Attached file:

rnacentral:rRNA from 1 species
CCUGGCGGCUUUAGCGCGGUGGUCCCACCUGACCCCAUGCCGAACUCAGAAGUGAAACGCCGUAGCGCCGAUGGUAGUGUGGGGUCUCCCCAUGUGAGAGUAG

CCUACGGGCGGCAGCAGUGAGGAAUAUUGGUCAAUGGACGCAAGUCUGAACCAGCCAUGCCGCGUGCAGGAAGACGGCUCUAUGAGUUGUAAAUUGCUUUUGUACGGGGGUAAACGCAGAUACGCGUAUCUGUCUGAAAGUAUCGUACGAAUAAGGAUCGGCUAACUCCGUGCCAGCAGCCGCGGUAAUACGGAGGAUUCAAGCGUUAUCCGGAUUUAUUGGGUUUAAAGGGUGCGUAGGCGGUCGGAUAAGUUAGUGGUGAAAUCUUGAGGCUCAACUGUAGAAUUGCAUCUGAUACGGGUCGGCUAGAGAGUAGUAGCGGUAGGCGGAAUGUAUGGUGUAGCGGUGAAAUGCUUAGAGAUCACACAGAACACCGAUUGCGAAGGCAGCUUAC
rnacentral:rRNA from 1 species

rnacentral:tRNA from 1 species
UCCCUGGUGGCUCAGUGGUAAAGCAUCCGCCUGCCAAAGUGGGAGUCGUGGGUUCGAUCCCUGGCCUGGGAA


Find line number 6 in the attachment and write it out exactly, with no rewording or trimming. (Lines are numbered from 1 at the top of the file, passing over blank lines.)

UCCCUGGUGGCUCAGUGGUAAAGCAUCCGCCUGCCAAAGUGGGAGUCGUGGGUUCGAUCCCUGGCCUGGGAA